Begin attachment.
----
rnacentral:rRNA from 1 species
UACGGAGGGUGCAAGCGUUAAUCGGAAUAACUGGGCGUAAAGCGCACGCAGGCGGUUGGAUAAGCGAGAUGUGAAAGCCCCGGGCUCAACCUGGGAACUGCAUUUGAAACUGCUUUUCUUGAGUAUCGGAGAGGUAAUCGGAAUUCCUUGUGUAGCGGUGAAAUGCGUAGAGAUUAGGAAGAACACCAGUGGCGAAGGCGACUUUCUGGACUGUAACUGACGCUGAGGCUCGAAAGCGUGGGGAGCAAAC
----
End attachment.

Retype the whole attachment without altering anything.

rnacentral:rRNA from 1 species
UACGGAGGGUGCAAGCGUUAAUCGGAAUAACUGGGCGUAAAGCGCACGCAGGCGGUUGGAUAAGCGAGAUGUGAAAGCCCCGGGCUCAACCUGGGAACUGCAUUUGAAACUGCUUUUCUUGAGUAUCGGAGAGGUAAUCGGAAUUCCUUGUGUAGCGGUGAAAUGCGUAGAGAUUAGGAAGAACACCAGUGGCGAAGGCGACUUUCUGGACUGUAACUGACGCUGAGGCUCGAAAGCGUGGGGAGCAAAC